Vulnerability of Toronto housing market 'comparatively high': TD report
A real estate agent puts up a 'sold' sign in front of a house in Toronto. (Darren Calabrese/THE CANADIAN PRESS)
Toronto's housing market faces a "comparatively high" risk of a sudden price drop, according to a TD Economics report.
The report, issued Thursday, suggests the housing market in Canada's largest city is at risk of a steep price adjustment if supply surpasses demand.
"In light of its hotter price performance over the past 3-5 years and greater supply risk, this vulnerability appears to be comparatively high in the Toronto market," the report said.
Concerns stem from a decrease in borrowing rates in early 2015, as well as an overnight rate cut by the Bank of Canada earlier this month. In mid-July, the national institution cut the federal interest rate to 0.5 per cent, hoping to jump-start the economy. In response, the Canadian dollar plunged to its lowest rate since the recession in 2008.
The report said that even with the interest rate reduction, the bond yields that are critical in the setting of fixed mortgage rates are not expected to return to their lows earlier this year.
Excessive home building
The report also predicted a dip in sales in Toronto and Vancouver next year due to "excessive home building."
It likened the current situation to the housing boom of the late 1980s, when investors were inspired to build by sharp home price gains. As homes were built and put on the market, supply outweighed demand and prices dropped sharply.
The largest risk is in Toronto's condo market, where a large number of units are under construction but completion has been delayed, the report said.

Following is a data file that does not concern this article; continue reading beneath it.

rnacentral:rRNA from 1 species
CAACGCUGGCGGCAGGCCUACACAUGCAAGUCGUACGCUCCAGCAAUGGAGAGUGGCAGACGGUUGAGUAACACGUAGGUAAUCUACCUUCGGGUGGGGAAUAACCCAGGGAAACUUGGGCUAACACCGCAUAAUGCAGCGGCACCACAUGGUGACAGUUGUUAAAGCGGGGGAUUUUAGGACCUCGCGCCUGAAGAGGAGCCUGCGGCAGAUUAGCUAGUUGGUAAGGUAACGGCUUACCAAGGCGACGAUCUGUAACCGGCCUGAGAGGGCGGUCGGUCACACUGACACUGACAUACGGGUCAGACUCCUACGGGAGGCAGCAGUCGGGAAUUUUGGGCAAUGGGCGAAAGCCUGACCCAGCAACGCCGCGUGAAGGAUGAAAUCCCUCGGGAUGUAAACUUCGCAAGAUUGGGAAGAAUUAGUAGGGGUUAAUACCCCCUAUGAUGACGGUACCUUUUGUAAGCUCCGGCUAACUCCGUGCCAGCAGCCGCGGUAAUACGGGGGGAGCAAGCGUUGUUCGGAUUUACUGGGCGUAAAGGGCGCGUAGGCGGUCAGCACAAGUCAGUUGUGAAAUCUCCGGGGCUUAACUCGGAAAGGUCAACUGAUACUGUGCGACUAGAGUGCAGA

"Demand will remain strong over the remainder of the near term, but as affordability continues to erode, sales activity will likely cool heading into 2016."
Income vs. home price
The report also pointed out that the ratio of home price to income is steadily increasing in both Toronto and Vancouver. Though housing prices are increasing, salaries are not increasing at a similar rate.
"Current readings suggest that home prices in (Vancouver and Toronto) would need to drop by a stunning 40 per cent to bring these ratios back in line with the long-term trend," the report said.
The report calculated over-valuation, as measured by the affordability index, in Toronto and Vancouver at 10 per cent.
In order to bring on a steep housing adjustment, housing markets in Vancouver and Toronto would have to face an interest rate increase of between 1.5 and 2 percentage points, the report said. Current reports suggest the interest rate will continue to drop.
Risk of disorderly price adjustment
Still, the report's authors said there is only a "medium risk" of a "painful and disorderly" price adjustment.
Unless there is an "unanticipated shock emanating from outside Canada's borders," the Toronto market is not likely to face a sudden unwinding of real estate sales, TD said.
The report recommends the tapering off of prices in 2016 and 2017, which would allow household income to "catch up" to the degree of over-valuation of real estate.
"The need for careful and ongoing monitoring of these key indicators will be crucial in understanding to what extent the risk profile may be shifting."